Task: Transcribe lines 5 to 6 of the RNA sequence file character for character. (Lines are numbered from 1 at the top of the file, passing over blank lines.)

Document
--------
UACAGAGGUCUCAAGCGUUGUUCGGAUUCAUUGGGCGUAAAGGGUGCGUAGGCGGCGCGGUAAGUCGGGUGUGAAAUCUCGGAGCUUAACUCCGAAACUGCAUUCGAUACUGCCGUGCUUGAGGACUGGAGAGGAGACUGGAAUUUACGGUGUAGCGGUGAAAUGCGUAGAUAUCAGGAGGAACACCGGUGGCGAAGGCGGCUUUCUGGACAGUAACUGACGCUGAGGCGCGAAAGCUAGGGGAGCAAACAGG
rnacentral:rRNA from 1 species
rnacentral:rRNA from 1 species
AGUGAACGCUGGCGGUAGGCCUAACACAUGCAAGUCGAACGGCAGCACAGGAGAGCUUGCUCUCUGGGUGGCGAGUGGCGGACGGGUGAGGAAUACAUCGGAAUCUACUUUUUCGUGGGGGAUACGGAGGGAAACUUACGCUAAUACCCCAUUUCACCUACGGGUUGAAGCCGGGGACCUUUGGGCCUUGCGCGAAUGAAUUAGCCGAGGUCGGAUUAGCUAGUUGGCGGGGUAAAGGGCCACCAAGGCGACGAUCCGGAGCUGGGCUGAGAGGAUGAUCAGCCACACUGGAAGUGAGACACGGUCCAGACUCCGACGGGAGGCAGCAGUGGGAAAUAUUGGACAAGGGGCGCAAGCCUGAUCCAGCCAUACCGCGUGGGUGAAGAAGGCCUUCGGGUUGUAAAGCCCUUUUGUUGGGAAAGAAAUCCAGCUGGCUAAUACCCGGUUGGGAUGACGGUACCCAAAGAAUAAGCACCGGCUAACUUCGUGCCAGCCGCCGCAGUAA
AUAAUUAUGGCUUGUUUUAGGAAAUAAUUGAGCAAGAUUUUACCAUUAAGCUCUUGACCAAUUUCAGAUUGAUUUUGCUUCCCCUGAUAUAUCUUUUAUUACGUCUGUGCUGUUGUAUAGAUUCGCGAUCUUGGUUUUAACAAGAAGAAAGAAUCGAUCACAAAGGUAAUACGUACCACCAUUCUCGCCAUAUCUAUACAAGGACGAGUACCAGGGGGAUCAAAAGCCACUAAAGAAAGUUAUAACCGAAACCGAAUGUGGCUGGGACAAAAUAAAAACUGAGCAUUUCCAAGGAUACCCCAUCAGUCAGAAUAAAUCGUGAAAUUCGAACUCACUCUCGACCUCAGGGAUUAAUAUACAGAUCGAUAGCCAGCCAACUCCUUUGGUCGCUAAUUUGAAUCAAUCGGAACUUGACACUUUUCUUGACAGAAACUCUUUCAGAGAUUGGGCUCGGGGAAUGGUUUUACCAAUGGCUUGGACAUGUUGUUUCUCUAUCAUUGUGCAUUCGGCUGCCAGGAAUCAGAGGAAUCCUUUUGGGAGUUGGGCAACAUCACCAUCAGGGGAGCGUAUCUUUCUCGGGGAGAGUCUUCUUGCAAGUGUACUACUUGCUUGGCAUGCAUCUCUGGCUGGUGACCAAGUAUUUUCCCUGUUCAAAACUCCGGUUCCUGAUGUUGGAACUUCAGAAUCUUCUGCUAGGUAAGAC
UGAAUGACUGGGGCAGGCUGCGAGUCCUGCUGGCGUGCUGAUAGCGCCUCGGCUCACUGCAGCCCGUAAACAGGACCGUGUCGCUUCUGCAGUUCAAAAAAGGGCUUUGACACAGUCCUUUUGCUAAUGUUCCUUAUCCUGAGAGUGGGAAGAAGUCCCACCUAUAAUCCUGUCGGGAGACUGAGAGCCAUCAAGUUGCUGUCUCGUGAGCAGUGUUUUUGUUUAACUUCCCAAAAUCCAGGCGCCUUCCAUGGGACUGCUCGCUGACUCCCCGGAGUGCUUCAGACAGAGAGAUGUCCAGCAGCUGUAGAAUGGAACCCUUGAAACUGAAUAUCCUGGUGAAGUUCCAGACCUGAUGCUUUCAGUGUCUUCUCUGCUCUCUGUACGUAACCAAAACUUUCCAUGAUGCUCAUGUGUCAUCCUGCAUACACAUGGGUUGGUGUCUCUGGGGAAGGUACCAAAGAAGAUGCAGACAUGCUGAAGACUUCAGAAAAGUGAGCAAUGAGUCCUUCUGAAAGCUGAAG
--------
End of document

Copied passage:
AUAAUUAUGGCUUGUUUUAGGAAAUAAUUGAGCAAGAUUUUACCAUUAAGCUCUUGACCAAUUUCAGAUUGAUUUUGCUUCCCCUGAUAUAUCUUUUAUUACGUCUGUGCUGUUGUAUAGAUUCGCGAUCUUGGUUUUAACAAGAAGAAAGAAUCGAUCACAAAGGUAAUACGUACCACCAUUCUCGCCAUAUCUAUACAAGGACGAGUACCAGGGGGAUCAAAAGCCACUAAAGAAAGUUAUAACCGAAACCGAAUGUGGCUGGGACAAAAUAAAAACUGAGCAUUUCCAAGGAUACCCCAUCAGUCAGAAUAAAUCGUGAAAUUCGAACUCACUCUCGACCUCAGGGAUUAAUAUACAGAUCGAUAGCCAGCCAACUCCUUUGGUCGCUAAUUUGAAUCAAUCGGAACUUGACACUUUUCUUGACAGAAACUCUUUCAGAGAUUGGGCUCGGGGAAUGGUUUUACCAAUGGCUUGGACAUGUUGUUUCUCUAUCAUUGUGCAUUCGGCUGCCAGGAAUCAGAGGAAUCCUUUUGGGAGUUGGGCAACAUCACCAUCAGGGGAGCGUAUCUUUCUCGGGGAGAGUCUUCUUGCAAGUGUACUACUUGCUUGGCAUGCAUCUCUGGCUGGUGACCAAGUAUUUUCCCUGUUCAAAACUCCGGUUCCUGAUGUUGGAACUUCAGAAUCUUCUGCUAGGUAAGAC
UGAAUGACUGGGGCAGGCUGCGAGUCCUGCUGGCGUGCUGAUAGCGCCUCGGCUCACUGCAGCCCGUAAACAGGACCGUGUCGCUUCUGCAGUUCAAAAAAGGGCUUUGACACAGUCCUUUUGCUAAUGUUCCUUAUCCUGAGAGUGGGAAGAAGUCCCACCUAUAAUCCUGUCGGGAGACUGAGAGCCAUCAAGUUGCUGUCUCGUGAGCAGUGUUUUUGUUUAACUUCCCAAAAUCCAGGCGCCUUCCAUGGGACUGCUCGCUGACUCCCCGGAGUGCUUCAGACAGAGAGAUGUCCAGCAGCUGUAGAAUGGAACCCUUGAAACUGAAUAUCCUGGUGAAGUUCCAGACCUGAUGCUUUCAGUGUCUUCUCUGCUCUCUGUACGUAACCAAAACUUUCCAUGAUGCUCAUGUGUCAUCCUGCAUACACAUGGGUUGGUGUCUCUGGGGAAGGUACCAAAGAAGAUGCAGACAUGCUGAAGACUUCAGAAAAGUGAGCAAUGAGUCCUUCUGAAAGCUGAAG